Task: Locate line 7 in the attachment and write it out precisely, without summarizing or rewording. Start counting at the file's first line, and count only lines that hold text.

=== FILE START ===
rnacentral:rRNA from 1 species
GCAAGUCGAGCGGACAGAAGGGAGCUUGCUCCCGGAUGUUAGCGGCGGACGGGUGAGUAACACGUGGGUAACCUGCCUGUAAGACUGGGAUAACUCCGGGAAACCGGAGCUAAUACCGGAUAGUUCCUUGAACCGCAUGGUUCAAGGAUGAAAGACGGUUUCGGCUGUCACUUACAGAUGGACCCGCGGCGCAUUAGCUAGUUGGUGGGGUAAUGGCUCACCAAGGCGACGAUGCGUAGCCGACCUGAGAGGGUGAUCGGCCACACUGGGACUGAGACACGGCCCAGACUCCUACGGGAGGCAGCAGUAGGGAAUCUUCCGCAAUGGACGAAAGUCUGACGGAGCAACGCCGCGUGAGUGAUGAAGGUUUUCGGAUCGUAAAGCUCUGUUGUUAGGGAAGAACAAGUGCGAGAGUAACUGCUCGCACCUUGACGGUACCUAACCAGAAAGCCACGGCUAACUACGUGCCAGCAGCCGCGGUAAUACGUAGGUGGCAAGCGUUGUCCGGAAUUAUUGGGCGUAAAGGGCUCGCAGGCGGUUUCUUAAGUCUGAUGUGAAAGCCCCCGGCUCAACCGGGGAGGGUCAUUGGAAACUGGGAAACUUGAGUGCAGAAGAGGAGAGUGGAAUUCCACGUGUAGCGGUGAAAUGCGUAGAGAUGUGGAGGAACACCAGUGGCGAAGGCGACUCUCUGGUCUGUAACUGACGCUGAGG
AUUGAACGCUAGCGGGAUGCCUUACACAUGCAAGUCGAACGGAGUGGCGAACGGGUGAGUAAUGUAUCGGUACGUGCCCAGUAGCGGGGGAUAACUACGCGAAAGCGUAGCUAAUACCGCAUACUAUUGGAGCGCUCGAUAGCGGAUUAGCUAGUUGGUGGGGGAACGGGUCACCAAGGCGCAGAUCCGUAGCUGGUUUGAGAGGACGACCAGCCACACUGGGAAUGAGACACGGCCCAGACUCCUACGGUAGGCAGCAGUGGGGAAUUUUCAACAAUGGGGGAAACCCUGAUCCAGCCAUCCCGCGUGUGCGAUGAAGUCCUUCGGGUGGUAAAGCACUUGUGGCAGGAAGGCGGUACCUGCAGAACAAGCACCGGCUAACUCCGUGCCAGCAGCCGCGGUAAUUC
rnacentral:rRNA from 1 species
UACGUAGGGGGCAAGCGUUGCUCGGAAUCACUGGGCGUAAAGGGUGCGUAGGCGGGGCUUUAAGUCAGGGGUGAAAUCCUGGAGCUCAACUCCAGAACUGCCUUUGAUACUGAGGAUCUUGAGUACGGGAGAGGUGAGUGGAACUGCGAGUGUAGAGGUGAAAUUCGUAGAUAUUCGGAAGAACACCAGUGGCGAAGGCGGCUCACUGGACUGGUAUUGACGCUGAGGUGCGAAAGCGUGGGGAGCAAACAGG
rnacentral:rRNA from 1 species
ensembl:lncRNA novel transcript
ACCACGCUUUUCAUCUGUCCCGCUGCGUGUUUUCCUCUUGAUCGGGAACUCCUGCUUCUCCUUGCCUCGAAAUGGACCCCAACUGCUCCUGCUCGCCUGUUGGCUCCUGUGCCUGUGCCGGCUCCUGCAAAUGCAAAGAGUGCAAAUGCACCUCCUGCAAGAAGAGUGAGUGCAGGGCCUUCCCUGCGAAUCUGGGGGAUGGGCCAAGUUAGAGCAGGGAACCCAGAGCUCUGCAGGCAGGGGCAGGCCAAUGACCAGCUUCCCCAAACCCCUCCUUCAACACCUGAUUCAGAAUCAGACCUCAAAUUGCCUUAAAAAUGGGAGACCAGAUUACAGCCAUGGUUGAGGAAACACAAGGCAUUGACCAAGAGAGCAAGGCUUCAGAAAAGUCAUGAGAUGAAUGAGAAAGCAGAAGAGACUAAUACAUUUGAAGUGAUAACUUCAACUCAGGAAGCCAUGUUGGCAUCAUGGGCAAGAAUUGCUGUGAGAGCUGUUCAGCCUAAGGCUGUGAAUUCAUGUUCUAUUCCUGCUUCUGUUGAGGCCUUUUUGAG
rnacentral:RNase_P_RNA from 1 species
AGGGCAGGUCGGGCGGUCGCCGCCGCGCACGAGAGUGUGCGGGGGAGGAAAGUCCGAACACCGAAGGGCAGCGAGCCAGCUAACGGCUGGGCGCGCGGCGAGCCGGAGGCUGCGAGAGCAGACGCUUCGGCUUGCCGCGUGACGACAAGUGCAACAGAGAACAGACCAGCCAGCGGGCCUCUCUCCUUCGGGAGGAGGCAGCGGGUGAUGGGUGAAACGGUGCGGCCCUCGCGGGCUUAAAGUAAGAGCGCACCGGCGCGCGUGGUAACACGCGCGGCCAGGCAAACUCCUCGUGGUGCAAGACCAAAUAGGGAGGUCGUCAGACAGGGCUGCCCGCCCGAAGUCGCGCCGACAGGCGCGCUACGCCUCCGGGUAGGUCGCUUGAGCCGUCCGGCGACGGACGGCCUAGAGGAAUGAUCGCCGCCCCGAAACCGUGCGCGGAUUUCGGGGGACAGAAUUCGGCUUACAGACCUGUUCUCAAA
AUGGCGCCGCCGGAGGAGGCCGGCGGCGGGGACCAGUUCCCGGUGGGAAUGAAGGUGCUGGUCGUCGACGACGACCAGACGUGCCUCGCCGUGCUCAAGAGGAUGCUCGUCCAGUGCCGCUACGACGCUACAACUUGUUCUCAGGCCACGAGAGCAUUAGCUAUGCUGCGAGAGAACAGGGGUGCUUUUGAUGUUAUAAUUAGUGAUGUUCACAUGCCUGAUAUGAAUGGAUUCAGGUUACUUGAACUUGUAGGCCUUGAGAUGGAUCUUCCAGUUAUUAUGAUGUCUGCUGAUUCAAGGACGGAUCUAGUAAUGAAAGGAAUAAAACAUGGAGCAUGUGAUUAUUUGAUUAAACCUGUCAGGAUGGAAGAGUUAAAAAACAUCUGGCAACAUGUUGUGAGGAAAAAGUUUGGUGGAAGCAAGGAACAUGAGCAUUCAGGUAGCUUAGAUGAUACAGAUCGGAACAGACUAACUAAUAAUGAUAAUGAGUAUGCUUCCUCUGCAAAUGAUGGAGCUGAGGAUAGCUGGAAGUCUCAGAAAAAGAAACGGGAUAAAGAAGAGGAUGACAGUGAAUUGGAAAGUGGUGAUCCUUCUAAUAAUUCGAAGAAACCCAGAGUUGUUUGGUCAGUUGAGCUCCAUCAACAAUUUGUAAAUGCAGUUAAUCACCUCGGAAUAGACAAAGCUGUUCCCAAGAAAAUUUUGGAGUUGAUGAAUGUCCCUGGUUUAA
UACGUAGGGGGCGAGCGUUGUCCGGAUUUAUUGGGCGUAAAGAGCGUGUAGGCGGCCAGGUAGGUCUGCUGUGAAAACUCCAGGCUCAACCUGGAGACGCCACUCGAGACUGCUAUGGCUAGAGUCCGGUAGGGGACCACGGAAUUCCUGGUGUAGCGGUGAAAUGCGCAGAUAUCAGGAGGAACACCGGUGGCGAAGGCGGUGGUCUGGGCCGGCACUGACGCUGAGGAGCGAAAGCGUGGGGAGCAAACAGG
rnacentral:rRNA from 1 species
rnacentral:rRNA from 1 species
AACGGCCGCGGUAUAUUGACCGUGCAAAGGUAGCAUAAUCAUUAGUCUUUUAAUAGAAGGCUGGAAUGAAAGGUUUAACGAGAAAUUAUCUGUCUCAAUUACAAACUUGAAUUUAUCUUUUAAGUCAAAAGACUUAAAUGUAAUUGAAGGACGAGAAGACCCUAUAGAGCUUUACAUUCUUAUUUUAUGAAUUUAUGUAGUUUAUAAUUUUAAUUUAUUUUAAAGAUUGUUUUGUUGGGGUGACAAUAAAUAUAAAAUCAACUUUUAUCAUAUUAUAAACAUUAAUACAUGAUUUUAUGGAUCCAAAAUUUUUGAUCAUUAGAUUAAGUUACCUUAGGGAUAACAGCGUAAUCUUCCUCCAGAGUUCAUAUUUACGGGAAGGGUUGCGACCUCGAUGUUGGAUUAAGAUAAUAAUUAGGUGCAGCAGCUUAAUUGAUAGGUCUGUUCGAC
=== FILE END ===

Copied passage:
ensembl:lncRNA novel transcript